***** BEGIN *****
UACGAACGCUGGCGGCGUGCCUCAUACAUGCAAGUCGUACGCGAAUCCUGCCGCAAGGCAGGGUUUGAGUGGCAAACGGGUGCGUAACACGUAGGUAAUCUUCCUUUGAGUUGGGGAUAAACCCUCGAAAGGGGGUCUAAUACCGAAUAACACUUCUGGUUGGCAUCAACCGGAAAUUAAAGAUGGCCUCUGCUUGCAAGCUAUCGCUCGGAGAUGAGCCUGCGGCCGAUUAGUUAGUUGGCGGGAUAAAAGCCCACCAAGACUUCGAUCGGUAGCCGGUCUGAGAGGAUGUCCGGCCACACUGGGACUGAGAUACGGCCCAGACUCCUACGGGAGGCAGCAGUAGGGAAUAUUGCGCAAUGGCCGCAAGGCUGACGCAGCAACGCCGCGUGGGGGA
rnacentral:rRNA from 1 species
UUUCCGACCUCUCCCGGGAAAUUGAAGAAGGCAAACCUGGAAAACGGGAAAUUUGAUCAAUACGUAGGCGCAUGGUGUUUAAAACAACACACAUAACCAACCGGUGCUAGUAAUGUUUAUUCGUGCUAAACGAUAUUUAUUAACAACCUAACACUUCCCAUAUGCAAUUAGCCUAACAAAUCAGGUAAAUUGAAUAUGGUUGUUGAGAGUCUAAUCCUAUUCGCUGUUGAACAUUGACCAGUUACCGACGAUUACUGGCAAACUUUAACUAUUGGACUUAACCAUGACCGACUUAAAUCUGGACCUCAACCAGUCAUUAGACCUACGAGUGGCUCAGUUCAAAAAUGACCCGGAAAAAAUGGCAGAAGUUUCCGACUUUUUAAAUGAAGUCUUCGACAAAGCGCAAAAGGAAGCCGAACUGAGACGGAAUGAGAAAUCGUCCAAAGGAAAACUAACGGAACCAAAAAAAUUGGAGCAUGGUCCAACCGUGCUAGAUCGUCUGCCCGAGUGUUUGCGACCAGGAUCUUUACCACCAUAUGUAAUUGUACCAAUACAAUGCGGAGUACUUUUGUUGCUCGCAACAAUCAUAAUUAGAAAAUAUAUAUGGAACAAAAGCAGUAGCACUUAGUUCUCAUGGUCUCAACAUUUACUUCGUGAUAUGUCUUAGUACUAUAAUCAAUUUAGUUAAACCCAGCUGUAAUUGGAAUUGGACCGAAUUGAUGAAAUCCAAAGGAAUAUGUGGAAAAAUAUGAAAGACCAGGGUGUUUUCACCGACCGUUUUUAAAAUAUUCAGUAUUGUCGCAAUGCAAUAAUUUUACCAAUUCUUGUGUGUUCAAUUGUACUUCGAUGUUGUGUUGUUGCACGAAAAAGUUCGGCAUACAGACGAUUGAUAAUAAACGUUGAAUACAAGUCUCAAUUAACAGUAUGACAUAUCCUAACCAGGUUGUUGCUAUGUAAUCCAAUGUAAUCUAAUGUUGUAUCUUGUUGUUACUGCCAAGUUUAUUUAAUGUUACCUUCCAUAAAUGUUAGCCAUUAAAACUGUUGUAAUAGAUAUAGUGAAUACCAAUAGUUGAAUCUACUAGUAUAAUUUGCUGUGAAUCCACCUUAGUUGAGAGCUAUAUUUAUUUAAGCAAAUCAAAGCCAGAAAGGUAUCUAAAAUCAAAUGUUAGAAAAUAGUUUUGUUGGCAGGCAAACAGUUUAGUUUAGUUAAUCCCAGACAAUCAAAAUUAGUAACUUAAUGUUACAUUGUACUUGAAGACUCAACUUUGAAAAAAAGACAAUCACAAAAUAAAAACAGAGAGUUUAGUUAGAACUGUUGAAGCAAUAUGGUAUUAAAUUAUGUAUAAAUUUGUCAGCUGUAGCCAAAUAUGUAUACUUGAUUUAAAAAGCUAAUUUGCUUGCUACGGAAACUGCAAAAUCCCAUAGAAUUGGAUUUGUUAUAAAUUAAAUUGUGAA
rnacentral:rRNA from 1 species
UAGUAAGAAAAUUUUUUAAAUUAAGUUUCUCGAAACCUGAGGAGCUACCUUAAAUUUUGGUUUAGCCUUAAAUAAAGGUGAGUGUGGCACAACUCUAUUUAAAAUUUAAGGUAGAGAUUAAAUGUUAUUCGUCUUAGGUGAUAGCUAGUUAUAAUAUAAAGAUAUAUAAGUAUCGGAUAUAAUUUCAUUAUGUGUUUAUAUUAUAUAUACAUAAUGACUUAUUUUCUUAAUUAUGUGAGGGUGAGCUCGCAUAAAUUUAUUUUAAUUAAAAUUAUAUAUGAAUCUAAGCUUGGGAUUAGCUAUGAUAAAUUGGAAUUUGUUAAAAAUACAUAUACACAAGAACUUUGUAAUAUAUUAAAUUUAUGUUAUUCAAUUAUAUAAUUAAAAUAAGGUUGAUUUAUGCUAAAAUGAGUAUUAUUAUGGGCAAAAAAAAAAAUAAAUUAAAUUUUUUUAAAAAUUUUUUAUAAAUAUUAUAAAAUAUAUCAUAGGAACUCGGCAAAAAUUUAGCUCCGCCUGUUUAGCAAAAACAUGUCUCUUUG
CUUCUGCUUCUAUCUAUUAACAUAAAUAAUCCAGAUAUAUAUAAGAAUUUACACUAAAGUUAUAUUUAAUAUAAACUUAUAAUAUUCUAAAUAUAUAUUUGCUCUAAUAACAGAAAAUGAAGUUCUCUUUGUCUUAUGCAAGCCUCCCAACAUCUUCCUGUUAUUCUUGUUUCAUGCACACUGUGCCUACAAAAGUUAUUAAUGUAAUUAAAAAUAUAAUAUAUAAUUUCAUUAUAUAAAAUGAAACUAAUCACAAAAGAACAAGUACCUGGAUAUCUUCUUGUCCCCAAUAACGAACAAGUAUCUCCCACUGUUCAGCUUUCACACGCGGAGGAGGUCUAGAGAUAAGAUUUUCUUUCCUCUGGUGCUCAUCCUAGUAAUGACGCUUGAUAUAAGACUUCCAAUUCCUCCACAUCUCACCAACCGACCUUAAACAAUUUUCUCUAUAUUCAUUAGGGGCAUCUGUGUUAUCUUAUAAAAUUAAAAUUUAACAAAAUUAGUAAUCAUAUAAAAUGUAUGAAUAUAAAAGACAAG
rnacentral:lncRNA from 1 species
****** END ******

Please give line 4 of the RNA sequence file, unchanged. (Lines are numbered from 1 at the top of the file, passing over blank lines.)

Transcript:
rnacentral:rRNA from 1 species